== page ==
**APPLIED MATHEMATICS: LESSONS IN THE MORAL SCIENCES**
**Bonnie Shulman**
Bates College, USA
bshulman(at)abacus.bates.edu
**ABSTRACT**
This paper chronicles the personal journey of an applied mathematician to understand the role of mathematical thinking in shaping and creating our world, motivated by the events of September 11, 2001. From thinking about the connections between mathematics and war, I was led to consider more broadly the relationship between mathematics and ethics. Are there values embedded in mathematical practice that can be applied globally to promote peace and cooperation? Can mathematical models provide a framework for clarifying ethical issues? What is the individual’s responsibility for the uses to which their mathematical research is put? What is the appropriate relationship between science and society? Is mathematics apolitical? Should it be? In this paper I have tried to increase awareness of the myriad ways mathematics and mathematicians are enlisted to further socio-political ends. These efforts to make visible the cultural work done by mathematics can be viewed as a new twist on “applied mathematics.” Writing this paper has clarified for me how many of the lessons I learned in my socialization as a mathematician can be applied in other contexts. In a sense, the most significant applications of mathematics are to be found not in the techno-scientific realm, but rather in the socio-cultural context in which all knowledge production is embedded.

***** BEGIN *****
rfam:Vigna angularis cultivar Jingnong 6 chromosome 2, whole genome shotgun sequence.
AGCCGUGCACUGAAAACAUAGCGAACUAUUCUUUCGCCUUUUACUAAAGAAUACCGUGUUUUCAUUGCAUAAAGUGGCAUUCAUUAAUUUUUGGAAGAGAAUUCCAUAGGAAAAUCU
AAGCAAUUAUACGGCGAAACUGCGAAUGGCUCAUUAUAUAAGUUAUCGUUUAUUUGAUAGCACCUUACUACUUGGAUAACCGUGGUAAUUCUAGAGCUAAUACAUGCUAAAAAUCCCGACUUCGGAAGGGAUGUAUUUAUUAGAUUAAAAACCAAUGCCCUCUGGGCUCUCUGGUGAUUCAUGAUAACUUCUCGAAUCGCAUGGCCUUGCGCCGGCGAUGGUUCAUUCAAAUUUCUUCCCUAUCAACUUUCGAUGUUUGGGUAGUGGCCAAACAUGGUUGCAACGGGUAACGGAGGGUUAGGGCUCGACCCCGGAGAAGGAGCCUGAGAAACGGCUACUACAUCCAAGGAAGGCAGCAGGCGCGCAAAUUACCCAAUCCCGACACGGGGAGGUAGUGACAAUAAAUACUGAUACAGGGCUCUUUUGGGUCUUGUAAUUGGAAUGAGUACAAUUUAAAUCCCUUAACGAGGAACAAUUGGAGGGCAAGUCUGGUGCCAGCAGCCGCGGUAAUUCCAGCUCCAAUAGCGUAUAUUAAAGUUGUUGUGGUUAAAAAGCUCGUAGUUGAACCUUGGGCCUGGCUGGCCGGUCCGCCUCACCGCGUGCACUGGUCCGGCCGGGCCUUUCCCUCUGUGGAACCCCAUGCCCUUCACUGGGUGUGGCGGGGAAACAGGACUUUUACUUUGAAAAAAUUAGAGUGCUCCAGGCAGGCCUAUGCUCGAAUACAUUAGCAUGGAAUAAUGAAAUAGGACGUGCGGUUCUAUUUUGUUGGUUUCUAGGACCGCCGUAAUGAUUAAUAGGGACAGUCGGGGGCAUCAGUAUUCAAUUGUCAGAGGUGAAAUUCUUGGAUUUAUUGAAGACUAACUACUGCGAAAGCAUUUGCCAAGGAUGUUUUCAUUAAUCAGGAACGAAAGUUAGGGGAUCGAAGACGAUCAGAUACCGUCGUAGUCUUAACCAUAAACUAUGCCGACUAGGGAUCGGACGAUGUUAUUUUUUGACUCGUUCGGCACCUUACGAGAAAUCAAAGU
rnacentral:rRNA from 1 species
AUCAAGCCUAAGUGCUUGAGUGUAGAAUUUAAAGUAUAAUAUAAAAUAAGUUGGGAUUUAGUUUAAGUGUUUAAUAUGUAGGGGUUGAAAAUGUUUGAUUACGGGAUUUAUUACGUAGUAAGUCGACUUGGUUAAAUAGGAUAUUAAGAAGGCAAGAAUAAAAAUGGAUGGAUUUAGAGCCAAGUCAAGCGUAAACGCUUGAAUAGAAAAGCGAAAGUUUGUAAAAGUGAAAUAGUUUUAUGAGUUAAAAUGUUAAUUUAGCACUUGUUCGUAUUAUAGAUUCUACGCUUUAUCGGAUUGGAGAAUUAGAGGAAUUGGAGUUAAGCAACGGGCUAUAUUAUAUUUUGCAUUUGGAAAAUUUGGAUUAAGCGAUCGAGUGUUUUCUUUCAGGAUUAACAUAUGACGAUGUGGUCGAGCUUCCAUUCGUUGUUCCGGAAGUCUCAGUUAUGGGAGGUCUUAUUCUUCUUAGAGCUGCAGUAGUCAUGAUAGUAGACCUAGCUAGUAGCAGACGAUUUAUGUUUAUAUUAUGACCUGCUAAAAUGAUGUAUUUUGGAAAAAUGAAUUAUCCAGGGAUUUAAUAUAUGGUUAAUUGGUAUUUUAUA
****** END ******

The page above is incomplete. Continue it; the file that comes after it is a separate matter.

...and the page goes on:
**Keywords:** science and society, mathematics, ethics, social responsibility
“The men of science must refrain from all politics, and think only of purely scientific matters. If science can’t remain above the current political problems, everything will be ruined.”
—Gosta Mittag-Leffler (to Max Planck, 1919. In Dauben 1980, 270)
“A democracy, like science, functions best only when all actions are open to question, and when we require the highest levels of accountability. If there is a risk that politics is being placed above empirical truth on issues of vital national importance, inaction by scientists may be unethical.”
—Lawrence Krauss (2003)
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